Saturday, July 25, 2009

...And returned safely to the Earth

40 years ago today, the Apollo astronauts splashed down in the Pacific Ocean after visiting the moon. While it is nice that they went there, it is even better that they came back. Especially since they brought rocks with them.

The scientific return from the Apollo mission is often understated. Just the other day, Mark at Cosmic Variance said "But what grabbed me was the exploration, and the adventure. Not the science.". But while it is true that the mission was not designed as a scientific experiment, the scientific return was nothing short of phenomenal.

There were a number of non-geologic accomplishments of the mission- such as the first collection and return of solar wind, and various discoveries relating to lunar ranging, etc. But the rocks alone are worth considering.

"...and all we brought back were some rocks." is a common criticism on the Apollo program. Of course, geology isn't about the rocks. Geology is about the stories rocks tell. And what a story.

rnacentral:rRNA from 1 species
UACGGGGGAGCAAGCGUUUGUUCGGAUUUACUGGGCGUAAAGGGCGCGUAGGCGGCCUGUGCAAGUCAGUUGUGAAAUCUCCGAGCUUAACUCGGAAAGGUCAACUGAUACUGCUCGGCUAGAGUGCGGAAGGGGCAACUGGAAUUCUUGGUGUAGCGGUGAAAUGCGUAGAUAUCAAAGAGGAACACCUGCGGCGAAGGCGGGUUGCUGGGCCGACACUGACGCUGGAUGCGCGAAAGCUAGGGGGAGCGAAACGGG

Prior to the return of Apollo 11, people really had no idea what the Moon was made of, nor how it got there. Based on Terrestrial geology, people made various educated guesses about the composition and origin of the moon. And they were all wrong.

Earth is thought to have formed by the collisions of tens to hundreds of smaller bodies. In contrast, the Moon condensed from material vaporized during one of these Earth-forming collisions. It then cooled, crystallized, and aside from some sporadic magmatism, had done little else since.

Despite being co-genetic with the Earth, the Moon is completely and totally different. In fact, it is so different as to be beyond any of the theories dreamed up prior to the return of the Moon rocks. As such, it set a pattern for the characterization of other planetary bodies- first in our own solar system, and more recently, around far away stars. Time and time again, planets defy our expectations. The geysers of Triton and Enceladus. Perchlorates on Mars. The extreme eccentricity and small orbits of extrasolar planets.

The key revelation from Apollo- which has been repeated every time planetary science has stepped farther out into the galaxy- is this:
Planetary formation is stochastic. Planets are not like aluminum atoms, electrons, or whatever-it-is that the LHC is supposed to discover. There is no formula you can devise to predict the details of all the planets in the Galaxy. They are not interchangeable. You have to actually go out and observe them, in order to figure out their stories. This lesson was first learned from the Apollo samples, and it is incredible important. Because every time scientists forget it, the universe shows them up.

No comments: